f you have had relatively healthy teeth most of your life and suddenly develop mild pain in a tooth or all of your teeth, then it can feel very alarming. Even if the pain is mild, the fact that your teeth don't feel normal can lead you to worry that you have a major problem. Visit a dentist any time you begin experiencing tooth sensitivity, but first be aware of what the cause may be.
1. Pain in All Teeth when They Are Exposed to Extreme Temperatures
Pain when your teeth are exposed to hot or cold foods, air, and/or beverages can signal a sudden development of tooth sensitivity, but this sensitivity has many potential causes. While some cases of tooth sensitivity don't have a cause, others do. Before you decide that you just have tooth sensitivity and will have to use a special toothpaste for life, determine if you may have caused the sensitivity by engaging in one of the following habits. You can then cut out the habit to allow your teeth to heal.
Over-bleaching. If you have been using at-home whitening kits and/or toothpastes frequently, then you may have damaged your tooth enamel by causing it to wear away. Stop whitening your teeth and using all teeth-whitening products, including rinses and toothpastes.
Over-brushing. Yes, you can brush too much and too hard. If you recently had a not-so-good dental check-up and soon began brushing more often and more firmly to help ward of decay, you may be damaging your teeth and causing them to be sensitive. Switch back to using a soft toothbrush gently on your teeth just three times each day.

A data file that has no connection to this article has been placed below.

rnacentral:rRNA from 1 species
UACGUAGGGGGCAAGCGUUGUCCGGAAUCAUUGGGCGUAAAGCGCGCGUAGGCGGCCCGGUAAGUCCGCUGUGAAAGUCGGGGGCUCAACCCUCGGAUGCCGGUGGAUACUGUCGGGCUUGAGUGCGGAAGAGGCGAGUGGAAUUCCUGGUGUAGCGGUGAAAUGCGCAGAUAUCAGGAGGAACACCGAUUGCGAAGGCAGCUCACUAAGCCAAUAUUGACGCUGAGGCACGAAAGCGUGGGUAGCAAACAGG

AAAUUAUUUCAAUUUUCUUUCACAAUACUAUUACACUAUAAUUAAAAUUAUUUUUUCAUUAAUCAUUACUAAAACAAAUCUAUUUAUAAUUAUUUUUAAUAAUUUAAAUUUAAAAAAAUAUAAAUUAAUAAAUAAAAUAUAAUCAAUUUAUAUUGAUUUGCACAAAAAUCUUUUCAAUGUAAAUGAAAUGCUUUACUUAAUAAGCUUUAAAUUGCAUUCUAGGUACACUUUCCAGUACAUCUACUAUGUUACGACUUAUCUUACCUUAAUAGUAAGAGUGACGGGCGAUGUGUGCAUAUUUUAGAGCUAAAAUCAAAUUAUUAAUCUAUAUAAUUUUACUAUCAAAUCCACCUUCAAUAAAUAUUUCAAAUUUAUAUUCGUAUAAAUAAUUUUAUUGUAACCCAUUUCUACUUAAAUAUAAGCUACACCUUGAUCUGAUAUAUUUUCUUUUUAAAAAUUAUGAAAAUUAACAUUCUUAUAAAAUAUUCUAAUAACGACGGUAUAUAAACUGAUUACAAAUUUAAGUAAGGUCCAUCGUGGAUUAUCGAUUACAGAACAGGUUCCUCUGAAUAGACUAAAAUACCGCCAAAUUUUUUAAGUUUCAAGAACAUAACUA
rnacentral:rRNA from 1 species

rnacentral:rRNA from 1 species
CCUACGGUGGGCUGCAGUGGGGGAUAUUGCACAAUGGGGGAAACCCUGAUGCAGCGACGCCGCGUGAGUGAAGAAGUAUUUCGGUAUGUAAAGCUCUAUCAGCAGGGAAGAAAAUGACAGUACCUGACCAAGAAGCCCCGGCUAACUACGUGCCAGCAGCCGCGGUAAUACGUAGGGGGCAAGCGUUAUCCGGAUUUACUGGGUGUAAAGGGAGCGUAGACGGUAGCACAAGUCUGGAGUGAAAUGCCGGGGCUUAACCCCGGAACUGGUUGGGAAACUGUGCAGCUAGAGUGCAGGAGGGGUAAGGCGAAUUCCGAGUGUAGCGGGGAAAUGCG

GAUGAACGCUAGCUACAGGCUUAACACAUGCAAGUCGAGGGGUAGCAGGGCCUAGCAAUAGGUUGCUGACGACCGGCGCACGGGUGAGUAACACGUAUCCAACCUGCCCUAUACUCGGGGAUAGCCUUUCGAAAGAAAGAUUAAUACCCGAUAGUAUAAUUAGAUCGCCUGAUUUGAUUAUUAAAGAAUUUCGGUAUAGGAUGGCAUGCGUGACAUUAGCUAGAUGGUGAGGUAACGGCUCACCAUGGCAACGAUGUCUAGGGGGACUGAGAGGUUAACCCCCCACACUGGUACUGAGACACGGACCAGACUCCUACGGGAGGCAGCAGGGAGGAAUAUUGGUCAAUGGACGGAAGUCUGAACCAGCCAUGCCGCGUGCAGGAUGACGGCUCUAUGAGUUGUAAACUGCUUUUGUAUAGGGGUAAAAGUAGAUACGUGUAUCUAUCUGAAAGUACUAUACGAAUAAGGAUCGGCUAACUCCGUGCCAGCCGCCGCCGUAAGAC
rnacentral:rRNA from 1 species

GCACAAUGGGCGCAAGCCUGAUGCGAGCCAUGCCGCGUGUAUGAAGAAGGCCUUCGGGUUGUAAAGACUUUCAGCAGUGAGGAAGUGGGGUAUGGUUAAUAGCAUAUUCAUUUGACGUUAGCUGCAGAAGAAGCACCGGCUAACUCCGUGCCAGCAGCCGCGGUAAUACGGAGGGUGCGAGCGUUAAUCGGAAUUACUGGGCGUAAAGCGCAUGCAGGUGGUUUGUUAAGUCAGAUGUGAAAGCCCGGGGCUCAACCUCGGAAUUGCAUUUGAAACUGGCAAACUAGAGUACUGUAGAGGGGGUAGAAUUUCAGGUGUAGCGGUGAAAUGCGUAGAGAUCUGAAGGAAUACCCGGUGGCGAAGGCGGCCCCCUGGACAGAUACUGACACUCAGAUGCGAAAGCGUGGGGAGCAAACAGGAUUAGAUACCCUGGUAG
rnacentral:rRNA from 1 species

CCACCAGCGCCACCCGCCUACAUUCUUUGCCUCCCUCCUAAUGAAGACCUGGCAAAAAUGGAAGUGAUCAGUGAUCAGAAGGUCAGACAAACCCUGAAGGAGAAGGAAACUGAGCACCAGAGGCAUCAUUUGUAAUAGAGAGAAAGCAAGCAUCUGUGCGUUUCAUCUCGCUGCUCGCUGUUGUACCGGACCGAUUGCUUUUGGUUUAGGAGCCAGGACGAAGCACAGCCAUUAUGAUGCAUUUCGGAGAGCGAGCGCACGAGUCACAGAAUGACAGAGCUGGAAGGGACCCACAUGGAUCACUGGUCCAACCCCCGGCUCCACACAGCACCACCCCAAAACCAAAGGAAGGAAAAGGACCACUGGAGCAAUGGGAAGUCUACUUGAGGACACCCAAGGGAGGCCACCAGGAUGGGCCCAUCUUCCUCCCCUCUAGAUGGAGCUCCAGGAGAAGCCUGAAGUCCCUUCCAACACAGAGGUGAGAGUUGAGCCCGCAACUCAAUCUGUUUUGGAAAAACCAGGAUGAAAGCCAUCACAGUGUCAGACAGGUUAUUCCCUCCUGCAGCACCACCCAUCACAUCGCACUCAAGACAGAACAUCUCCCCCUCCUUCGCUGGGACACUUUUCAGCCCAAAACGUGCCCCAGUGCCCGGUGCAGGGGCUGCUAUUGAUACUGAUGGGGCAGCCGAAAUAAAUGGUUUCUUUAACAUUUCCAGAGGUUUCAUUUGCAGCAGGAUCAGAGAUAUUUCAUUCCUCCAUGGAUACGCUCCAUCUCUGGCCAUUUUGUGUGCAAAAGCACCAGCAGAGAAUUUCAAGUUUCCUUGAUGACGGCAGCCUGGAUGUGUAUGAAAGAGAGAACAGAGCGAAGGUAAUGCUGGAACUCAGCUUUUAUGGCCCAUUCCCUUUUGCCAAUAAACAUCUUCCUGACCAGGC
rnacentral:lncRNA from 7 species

Acidic food. Also, consider any recent changes in your diet, such as a new love for lemonade or anything else acidic. Too much acid in your diet, especially in beverages you sip, may be wearing at your enamel. Cut out the acidic offenders until your teeth feel better, then enjoy them only occasionally.
2. Throbbing Pain in One Tooth Only when Exposed to Hot or Cold
If only one tooth hurts when exposed to hot or foods, beverages, or air, then the most likely cause is a cavity in that tooth. Since a cavity is a small spot of worn away tooth tissue, then the nerve underneath the spot is not as protected from the outside, even if the cavity is not so deep that it exposes the pulp.
This causes the nerve to react to extreme temperatures by signaling pain, and if you have your tooth treated before the pain becomes constant, there is a good chance you may only need a filling and not a more extensive root canal.
If your teeth hurt when exposed to hot or cold temperatures, then alert a professional dentist, like those at Dental-Med Finch & Keele Family Dentistry, and be truthful about any of these factors that may be the cause. He or she can then have all of the information needed to help make your teeth pain-free again.